Teaching your child a few simple calm down strategies can make a big difference. The most basic one and perhaps the most important is breathing. Calm down breathing is a skill that is very effective when a child is under stress, struggling with anxiety or having a meltdown.
Deep breathing has been scientifically proven to combat stress and anxiety. It is used in meditation and yoga. With children, calm down breathing is an essential technique to learn to help with self-regulation.
When a child goes into their fight, flight or freeze response, their heart rate increases and their breathing becomes rapid and shallow. This decreases the oxygen to their cells, which obviously does not improve brain function in the moment. This makes it all the more important to practise good breathing technique and get that oxygen flowing well again.
These three calm down breathing techniques are extremely effective and easy to learn.
3 calm down breathing techniques:
- Have your child put their hand on their stomach and feel the rise and fall while they breathe.
- Have them inhale for 4 seconds, trying to fill their “belly balloon” with air, hold the breath for 2 seconds and then exhale.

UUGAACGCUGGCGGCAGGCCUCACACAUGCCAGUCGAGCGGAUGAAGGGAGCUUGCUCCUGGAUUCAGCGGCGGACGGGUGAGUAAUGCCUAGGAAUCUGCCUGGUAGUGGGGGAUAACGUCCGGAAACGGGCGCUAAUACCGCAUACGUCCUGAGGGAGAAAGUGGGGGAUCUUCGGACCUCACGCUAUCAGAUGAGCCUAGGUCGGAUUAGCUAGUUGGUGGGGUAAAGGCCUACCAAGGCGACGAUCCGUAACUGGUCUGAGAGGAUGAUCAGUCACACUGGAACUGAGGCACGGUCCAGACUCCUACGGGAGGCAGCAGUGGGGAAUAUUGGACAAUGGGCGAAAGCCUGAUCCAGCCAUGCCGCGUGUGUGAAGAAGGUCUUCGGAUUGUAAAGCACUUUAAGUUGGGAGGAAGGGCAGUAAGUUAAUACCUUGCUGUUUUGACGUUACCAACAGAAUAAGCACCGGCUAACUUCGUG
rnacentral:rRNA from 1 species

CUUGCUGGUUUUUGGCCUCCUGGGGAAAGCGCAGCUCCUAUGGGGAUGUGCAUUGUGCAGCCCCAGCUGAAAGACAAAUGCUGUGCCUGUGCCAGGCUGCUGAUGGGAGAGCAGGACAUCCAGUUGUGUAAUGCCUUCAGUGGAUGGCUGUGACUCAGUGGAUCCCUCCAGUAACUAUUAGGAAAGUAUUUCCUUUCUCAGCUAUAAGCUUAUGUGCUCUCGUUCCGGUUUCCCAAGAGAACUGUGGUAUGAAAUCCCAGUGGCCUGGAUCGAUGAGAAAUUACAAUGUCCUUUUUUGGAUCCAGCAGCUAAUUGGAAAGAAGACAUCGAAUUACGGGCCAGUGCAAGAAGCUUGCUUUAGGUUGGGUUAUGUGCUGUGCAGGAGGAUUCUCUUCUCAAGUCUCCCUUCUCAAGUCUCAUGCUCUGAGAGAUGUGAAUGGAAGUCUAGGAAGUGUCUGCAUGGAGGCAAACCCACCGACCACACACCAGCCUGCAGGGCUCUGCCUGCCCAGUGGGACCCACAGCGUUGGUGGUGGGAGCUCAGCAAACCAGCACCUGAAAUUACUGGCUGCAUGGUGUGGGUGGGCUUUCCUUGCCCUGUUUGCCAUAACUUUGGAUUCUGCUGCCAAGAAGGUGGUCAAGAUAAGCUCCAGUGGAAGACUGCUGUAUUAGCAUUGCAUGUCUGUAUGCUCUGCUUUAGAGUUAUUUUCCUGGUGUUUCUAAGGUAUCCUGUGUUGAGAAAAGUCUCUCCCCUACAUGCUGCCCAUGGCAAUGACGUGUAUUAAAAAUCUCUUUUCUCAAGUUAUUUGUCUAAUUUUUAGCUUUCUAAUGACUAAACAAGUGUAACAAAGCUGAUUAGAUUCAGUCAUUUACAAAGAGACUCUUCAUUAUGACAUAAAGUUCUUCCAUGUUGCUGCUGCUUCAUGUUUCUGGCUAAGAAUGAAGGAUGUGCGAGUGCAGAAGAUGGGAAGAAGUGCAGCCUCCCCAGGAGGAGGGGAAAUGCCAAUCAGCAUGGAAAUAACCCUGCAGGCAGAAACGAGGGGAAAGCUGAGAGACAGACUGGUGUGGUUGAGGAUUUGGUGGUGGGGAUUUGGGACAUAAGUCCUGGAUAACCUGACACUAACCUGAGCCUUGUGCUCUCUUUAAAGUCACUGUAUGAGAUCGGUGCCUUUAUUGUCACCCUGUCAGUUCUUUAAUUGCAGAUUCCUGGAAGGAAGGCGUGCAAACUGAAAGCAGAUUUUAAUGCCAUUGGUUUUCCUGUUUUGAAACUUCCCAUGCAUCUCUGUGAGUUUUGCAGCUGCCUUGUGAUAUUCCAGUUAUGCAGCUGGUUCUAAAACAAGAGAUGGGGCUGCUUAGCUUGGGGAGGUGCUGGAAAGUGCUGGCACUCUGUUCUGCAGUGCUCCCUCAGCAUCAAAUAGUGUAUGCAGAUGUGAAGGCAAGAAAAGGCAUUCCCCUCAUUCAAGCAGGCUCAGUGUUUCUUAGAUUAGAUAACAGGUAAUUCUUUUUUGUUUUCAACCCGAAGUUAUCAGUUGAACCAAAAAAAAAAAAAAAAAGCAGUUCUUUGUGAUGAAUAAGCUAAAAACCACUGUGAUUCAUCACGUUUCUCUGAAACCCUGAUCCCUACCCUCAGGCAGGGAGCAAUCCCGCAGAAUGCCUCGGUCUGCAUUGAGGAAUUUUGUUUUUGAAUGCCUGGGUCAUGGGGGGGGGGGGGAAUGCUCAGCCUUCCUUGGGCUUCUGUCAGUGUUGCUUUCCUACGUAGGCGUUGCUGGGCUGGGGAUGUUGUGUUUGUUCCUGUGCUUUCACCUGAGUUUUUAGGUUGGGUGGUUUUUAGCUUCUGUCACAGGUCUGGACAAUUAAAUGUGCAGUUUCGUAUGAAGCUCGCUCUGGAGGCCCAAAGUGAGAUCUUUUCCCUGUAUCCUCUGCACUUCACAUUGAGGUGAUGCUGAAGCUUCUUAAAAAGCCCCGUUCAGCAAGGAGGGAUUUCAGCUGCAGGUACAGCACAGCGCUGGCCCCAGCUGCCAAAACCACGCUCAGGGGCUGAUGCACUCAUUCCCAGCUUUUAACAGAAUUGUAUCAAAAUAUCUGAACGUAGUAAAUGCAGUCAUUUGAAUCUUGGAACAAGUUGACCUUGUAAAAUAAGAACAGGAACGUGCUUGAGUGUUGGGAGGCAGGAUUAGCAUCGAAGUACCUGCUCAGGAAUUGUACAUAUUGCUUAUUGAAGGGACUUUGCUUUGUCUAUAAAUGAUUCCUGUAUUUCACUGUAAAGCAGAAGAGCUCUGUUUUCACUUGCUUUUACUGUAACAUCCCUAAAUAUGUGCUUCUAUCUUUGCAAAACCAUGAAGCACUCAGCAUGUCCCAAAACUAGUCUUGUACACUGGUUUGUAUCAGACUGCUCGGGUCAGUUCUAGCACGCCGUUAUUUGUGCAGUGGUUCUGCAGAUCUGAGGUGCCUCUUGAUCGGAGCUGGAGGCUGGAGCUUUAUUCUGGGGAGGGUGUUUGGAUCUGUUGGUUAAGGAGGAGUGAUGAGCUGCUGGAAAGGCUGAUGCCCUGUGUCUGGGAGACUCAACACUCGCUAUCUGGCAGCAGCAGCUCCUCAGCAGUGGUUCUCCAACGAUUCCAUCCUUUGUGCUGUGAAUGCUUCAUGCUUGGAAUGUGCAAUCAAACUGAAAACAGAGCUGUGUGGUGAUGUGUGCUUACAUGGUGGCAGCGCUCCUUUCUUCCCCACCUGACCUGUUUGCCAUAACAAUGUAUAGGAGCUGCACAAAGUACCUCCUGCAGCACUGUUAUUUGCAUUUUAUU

- Teach them to breathe slowly in through their nose, out through their mouth. The best way to teach this method is to have them make eye contact with you and do it at the same time as you while you give them the verbal cues of “in through your nose” and “out through your mouth”. I find this one especially helpful during a meltdown.
Teaching breathing techniques should be done while your child is already calm and can concentrate. Ideally, if you practise breathing techniques often enough, they become motor muscle memory and will be easier for your child to access during times of distress.
When they are distressed, you can give them scripts (“in through your nose, out through your mouth”, “fill your belly balloon” or “let’s breathe”) to help them along. These should be short and simple.
Blowing bubbles through a bubble wand or doing bubble painting is another way to practise calming breathing so that that motor muscle memory kicks in when those moments of fight-flight-freeze occur. Blowing softly to spin a pinwheel is another good way to practise calm down breathing.
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You can read about other calm down methods for kids here and get the relaxation prompts which are so helpful once your child learns how to use them.